Muslin.  It was the gossamer of the East.

A cloth so fine that at various times in recorded history it was described as ‘woven air’ and ‘the skin of the moon’.  The Mughals called it ‘mul-mul’. 

Six yards of muslin cloth could be fitted into a matchbox, sixty yards would fit inside the shell of a coconut, a pound of this yarn could be stretched for 250 miles. 

The origins of muslin cloth are a thousand years old.  Historically recognized as a unique hand-woven cotton fabric of legendary lightness and distinctive motifs, the cloth was made from delicate hand-spun yarn which was produced from a cotton plant (Gossypium Arboreum Var. Neglecta, locally called, ‘phuti karpas’) that grew exclusively along the banks of a certain stretch of the Brahmaputra/Meghna river. 

In 2013, Drik Picture Library, Dhaka, Bangladesh ( was approached by Stepney Trust in the UK to bring their exhibition on muslin (Bengal to Britain) to Bangladesh.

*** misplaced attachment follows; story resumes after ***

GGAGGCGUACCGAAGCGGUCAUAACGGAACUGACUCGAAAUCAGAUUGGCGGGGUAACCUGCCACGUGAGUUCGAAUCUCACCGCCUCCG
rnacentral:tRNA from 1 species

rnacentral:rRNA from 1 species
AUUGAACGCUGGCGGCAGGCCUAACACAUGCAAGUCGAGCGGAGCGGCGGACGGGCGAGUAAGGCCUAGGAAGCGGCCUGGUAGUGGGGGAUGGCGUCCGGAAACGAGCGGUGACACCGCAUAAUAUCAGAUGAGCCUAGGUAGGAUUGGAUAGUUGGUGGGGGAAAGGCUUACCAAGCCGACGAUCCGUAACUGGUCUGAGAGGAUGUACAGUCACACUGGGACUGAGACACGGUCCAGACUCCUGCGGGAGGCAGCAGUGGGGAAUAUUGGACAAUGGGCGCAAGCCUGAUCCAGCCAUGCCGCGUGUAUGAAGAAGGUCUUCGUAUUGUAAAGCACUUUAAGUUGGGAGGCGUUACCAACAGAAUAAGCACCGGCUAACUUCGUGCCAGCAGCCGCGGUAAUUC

Saiful Islam agreed to the proposal and the project, Bengal Muslin (BM), was subsequently formed with team members from Drik as well as some external advisers. 

The project’s goals were to explore, reproduce and reveal muslin’s history and craft, its contribution and the impact that the fabric had on our culture and commerce, and eventually our national identity. 

Bengal Muslin has not stopped at exploring the past and creating awareness of muslin’s many faceted history.  Instead, it investigates the potential revival of a fabric that was used and treasured by Mughal and European courts, with a view to giving our weavers a sustainable future by placing it within a contemporary design setting. 

There are numerous myths, many owners and a large variety of muslin cloth that exists to this day but allow us to lead you through the real story about this unique fabric from Bangladesh.